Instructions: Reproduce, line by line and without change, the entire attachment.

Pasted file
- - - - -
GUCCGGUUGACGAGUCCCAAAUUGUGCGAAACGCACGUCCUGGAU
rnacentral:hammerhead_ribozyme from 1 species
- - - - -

GUCCGGUUGACGAGUCCCAAAUUGUGCGAAACGCACGUCCUGGAU
rnacentral:hammerhead_ribozyme from 1 species